School director sues Co-op Bank for credit blacklist

The Co-operative Bank headquarters in Nairobi. Photo/FILE
The Co-operative Bank headquarters in Nairobi. Photo/FILE 

A businessman has moved to court seeking Sh215.8 million compensation from Co-op Bank after the lender allegedly blacklisted him over a loan default without his knowledge.

In a suit filed at Milimani High Court, Obadhia Gitonga Micheu says Co-op Bank blacklisted him with the Credit Reference Bureau (CRB) for alleged default on a facility for which he was a guarantor, blocking his access to credit for seven years.

The suit raises pertinent questions on the liability of guarantors in the event of default. Kenyans routinely guarantee loans for each other, and sometimes clear arrears or have their assets attached after the borrowers default.

“The plaintiff avers that the listing is illegal, unlawful and malicious as he has never received any adverse notice from the defendant as required under the provisions of regulation 28 of Legal notice No 97, the Banking (Credit Reference Bureau) regulations, 2008 of Banking Act Cap 488,” says Mr Micheu in documents filed in court on Wednesday.

Mr Micheu argues that blacklisting him when he was just a guarantor infringed on his rights because he had not applied for any loan from Co-op Bank.

He says he guaranteed Chogoria Junior School, where he was a director, for the loan from Co-op Bank. He claims the bank later recovered the money by selling off the school land by private treaty.

He says he discovered that he has been blacklisted with the CRB by Co-op Bank, when he applied to KCB for a loan to upgrade his Chogoria College.

The application was rejected causing him loss of millions of shillings in earnings.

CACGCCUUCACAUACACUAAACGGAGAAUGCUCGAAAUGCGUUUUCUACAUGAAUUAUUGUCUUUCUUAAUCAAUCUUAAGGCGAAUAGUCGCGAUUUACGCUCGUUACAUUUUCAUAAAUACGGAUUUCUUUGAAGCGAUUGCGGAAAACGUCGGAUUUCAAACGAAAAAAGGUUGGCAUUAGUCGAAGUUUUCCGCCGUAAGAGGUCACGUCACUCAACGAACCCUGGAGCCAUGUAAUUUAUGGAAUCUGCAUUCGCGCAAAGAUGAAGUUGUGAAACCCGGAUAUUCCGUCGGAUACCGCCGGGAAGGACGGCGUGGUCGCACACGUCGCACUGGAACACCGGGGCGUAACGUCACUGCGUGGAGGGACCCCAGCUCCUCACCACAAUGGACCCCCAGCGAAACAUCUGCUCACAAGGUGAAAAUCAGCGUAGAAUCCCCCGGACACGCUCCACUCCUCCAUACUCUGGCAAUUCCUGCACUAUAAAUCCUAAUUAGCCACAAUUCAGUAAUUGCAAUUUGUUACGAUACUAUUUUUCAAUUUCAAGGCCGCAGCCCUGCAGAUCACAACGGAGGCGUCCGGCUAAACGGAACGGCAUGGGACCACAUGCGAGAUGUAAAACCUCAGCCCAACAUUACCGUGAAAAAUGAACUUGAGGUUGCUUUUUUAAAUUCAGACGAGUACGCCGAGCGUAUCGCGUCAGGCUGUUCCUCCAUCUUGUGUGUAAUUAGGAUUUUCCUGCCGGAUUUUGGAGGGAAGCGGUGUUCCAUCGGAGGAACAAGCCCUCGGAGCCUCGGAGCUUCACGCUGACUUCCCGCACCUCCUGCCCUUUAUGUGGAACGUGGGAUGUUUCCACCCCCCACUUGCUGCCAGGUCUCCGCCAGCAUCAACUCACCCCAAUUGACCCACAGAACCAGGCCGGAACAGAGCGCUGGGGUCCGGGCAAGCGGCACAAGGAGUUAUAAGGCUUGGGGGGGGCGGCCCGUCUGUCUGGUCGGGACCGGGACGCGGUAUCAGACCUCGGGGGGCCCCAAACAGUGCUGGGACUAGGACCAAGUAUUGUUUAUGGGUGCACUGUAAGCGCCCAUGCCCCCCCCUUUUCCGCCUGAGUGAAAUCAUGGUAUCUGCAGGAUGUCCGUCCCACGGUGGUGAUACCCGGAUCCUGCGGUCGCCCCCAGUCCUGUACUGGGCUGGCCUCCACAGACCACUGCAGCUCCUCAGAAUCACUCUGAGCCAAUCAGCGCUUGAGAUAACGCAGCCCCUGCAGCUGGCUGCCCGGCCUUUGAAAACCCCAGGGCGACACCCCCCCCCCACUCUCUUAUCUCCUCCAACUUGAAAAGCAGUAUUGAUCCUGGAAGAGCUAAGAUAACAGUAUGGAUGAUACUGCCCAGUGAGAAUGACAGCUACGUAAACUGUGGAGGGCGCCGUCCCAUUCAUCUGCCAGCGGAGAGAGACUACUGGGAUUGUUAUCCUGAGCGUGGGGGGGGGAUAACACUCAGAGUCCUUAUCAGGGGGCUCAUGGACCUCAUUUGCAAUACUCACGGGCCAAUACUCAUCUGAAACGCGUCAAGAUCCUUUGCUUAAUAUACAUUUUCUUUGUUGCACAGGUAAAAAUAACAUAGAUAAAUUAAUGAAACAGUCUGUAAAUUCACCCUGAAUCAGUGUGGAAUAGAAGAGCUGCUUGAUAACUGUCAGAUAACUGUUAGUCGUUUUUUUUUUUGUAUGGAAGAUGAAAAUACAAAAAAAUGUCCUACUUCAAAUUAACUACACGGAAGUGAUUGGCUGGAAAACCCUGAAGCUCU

“Listing the plaintiff to the Credit Reference Bureau yet he was merely a guarantor and had not applied for any loan from the defendant (is malicious and defamatory),” he adds.

Co-op Bank head of marketing and public relations Ngumo Kahiga told Business Daily on the phone that the company had not been served with the court papers.

The businessman wants Co-op Bank to pay him Sh215.8 million, being the estimated loss he incurred after other banks rejected his loan application for expansion of business because of the blacklisting.

Mr Micheu’s claim comes a year after a former MP lost a case in which he accused the CRB of inaccurate listing of his financial transaction details.

Mr Kennedy Odhiambo Nyagudi, the former Kisumu Town West MP, claimed that Barclays Bank of Kenya and KCB gave the information to the CRB without his knowledge, prompting other banks to deny him credit.

Following the adverse credit report, Mr Nyagudi said he had been denied credit by Equity Bank, Family Bank and Ecobank.

Justice David Majanja in his decision on March 2013, exonerated the banks of any wrongdoing, noting that they were complying with the law.

The judge further said that even if sharing of the information with the CRB were unconstitutional, the banks could not be held liable for any harm caused by a law or regulations that they did not participate in enacting.